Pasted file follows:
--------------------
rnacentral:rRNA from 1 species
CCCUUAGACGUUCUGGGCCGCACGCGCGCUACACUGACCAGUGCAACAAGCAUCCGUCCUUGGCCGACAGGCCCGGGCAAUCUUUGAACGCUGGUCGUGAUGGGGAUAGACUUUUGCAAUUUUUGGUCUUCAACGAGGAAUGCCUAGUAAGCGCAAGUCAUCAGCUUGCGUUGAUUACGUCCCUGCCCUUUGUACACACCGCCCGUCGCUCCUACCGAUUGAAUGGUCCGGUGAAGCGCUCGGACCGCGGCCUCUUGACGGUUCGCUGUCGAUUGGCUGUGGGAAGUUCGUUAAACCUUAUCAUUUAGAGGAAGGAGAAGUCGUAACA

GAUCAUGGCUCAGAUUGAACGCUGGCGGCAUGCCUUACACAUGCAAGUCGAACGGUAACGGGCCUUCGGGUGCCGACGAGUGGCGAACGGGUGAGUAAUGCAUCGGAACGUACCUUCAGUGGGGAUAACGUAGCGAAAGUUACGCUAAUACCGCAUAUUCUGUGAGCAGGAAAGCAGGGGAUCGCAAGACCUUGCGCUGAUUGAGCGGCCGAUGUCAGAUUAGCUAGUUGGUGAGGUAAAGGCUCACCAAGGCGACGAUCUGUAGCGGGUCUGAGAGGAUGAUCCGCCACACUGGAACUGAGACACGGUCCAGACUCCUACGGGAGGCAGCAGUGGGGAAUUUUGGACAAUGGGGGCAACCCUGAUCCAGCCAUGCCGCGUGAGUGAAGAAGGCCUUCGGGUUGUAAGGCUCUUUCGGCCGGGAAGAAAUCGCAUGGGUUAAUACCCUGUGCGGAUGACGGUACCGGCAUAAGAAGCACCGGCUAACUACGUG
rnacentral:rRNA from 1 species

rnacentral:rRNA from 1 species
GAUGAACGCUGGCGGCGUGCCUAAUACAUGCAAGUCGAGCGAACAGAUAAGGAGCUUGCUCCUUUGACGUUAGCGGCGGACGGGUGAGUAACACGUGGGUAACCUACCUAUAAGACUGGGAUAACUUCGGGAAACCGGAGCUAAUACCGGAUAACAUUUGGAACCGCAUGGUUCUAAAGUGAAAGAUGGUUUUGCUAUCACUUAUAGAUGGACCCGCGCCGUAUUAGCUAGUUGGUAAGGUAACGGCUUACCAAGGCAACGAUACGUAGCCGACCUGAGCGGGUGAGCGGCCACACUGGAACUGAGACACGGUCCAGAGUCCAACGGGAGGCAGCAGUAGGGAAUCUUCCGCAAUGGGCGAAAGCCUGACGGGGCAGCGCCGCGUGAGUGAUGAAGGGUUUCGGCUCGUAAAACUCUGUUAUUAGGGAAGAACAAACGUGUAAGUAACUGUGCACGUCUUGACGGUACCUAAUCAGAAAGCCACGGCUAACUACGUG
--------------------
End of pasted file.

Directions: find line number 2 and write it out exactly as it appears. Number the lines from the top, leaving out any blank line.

CCCUUAGACGUUCUGGGCCGCACGCGCGCUACACUGACCAGUGCAACAAGCAUCCGUCCUUGGCCGACAGGCCCGGGCAAUCUUUGAACGCUGGUCGUGAUGGGGAUAGACUUUUGCAAUUUUUGGUCUUCAACGAGGAAUGCCUAGUAAGCGCAAGUCAUCAGCUUGCGUUGAUUACGUCCCUGCCCUUUGUACACACCGCCCGUCGCUCCUACCGAUUGAAUGGUCCGGUGAAGCGCUCGGACCGCGGCCUCUUGACGGUUCGCUGUCGAUUGGCUGUGGGAAGUUCGUUAAACCUUAUCAUUUAGAGGAAGGAGAAGUCGUAACA